Northern Exposure

Triumphs and failures on a window ledge.

Weekend Work January 19, 2009

Filed under: Autumn,Flower,Spring,Weather,Winter — northernwindowgardener @ 3:38 pm
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Mini CyclamenThose sneaky spring bulbs are taking their chance to make a bid for freedom. I don’t know, a week or two of plus-zero weather and they get all over excited.

Finished tidying the last two boxes that I avoided due to last week’s inclement weather. If I’d have opened a window they might have been blown in! So the long-gone Lobelia are now no more and various rotten Dianthus have been cut right back. I was tempted just to remove them but decided to leave them there and see what happens in the spring. They are supposed to be good for a couple of years so the BBC say and there’s nothing lost if they don’t come again and need removed later.

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Conditions November 23, 2008

Filed under: Autumn,Summer,Uncategorized,Weather,Winter — northernwindowgardener @ 10:46 am
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It wasn’t until trying to grow things in windox boxes that I appreciated just how many factors need to be taken into consideration. Soil, drainage, sun position, season, watering, prevailing wind, type of plant, pruning/deadheading and the time available are all some that immediately come to mind and that’s to say nothing of colour schemes and looks. It’s a lot for the novice gardener to think about.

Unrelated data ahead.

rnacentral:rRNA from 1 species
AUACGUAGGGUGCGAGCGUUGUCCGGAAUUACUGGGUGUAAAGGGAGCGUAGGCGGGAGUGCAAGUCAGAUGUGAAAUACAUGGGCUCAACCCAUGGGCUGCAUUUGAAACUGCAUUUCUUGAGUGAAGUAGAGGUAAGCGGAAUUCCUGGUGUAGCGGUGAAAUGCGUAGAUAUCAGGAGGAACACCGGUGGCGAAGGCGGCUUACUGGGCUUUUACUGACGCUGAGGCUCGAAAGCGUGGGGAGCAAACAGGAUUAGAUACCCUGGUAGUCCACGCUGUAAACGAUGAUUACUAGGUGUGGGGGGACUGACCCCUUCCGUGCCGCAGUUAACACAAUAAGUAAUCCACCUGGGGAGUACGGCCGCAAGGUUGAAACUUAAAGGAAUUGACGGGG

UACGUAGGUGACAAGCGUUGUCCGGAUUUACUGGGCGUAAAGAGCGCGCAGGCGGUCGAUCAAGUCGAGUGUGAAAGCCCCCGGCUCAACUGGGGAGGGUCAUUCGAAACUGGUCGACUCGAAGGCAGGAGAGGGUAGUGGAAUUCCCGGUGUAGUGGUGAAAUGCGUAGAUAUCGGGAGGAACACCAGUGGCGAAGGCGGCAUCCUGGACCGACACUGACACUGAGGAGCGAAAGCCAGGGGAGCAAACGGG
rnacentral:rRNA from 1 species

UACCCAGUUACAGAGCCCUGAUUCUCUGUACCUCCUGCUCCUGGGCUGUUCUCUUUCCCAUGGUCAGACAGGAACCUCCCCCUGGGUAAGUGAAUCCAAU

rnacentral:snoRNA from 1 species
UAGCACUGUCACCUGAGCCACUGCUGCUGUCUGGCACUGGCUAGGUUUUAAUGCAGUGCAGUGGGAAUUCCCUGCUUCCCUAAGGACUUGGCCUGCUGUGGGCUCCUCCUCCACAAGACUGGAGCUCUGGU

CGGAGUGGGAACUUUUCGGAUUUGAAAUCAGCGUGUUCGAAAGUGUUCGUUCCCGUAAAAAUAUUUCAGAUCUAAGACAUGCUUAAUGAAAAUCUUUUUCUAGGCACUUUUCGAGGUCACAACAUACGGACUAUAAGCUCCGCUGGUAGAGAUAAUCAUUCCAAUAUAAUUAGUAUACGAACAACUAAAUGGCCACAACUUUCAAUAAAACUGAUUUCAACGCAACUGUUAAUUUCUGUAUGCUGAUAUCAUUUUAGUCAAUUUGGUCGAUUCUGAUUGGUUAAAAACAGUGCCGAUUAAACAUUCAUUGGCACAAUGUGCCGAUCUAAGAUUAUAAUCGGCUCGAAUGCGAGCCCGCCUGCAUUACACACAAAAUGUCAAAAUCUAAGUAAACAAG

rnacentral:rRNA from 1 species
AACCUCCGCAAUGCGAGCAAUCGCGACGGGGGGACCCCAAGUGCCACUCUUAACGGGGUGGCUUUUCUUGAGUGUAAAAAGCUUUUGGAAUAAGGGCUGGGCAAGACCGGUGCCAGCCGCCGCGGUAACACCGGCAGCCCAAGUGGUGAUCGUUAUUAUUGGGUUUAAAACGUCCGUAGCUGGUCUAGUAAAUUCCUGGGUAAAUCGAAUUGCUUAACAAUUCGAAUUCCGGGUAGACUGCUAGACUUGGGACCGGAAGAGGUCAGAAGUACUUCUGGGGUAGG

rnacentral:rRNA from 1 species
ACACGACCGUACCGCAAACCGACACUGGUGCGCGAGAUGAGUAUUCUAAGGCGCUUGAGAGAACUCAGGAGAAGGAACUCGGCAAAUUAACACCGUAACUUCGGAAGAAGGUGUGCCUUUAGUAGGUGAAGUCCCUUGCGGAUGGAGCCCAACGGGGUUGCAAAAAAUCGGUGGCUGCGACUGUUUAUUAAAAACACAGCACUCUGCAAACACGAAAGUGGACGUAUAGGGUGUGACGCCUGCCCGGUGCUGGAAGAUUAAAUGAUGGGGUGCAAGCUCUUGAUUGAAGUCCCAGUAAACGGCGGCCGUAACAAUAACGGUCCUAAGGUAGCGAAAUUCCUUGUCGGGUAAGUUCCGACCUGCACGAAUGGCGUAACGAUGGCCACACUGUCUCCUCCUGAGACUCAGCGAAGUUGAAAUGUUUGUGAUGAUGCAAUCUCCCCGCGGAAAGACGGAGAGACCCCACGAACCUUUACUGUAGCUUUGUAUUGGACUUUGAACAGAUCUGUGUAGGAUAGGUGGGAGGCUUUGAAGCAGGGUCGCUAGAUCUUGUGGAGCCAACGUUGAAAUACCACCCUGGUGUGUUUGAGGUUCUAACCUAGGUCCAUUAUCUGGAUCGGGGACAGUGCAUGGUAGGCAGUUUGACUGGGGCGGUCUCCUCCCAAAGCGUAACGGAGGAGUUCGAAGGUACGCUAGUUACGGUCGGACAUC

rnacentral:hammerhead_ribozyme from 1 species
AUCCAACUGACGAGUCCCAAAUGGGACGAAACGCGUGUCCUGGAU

Naivity helped a lot to start with. A wide range of plants were purchased from garden centres and planted with a best guess as to how they would perform. Once the boxes were out the reality of sun/shade and wind/rain became particularly clear. One position gets sun only in the early morning and only on the longer days of the year. At this time of the year (late November) it hasn’t seen the sun in a couple of months and might be lucky if it does before late Spring. The lazy Autumn sun just doesn’t get above the surrounding houses until mid morning and then scoots behind the building, never to return.

Likewise the wind, everything from a warm breeze to a bone-chilling gale, was something I really didn’t consider before planting. In fact I think I may have written a note saying that a couple of boxes were unlikely to get any wind at all! How wrong I was! More than any other factor the strength of the wind, and its capacity to detroy any plant above six inches has played a large part in my selection of Spring bulbs and will do again when the time comes to look at Summer bedding plants.

Books and internet pages can offer a bit of help but there’s no substitute for on-the-job learning to get to grips with the local conditions. Here’s hoping this experience gets put to good use by next year.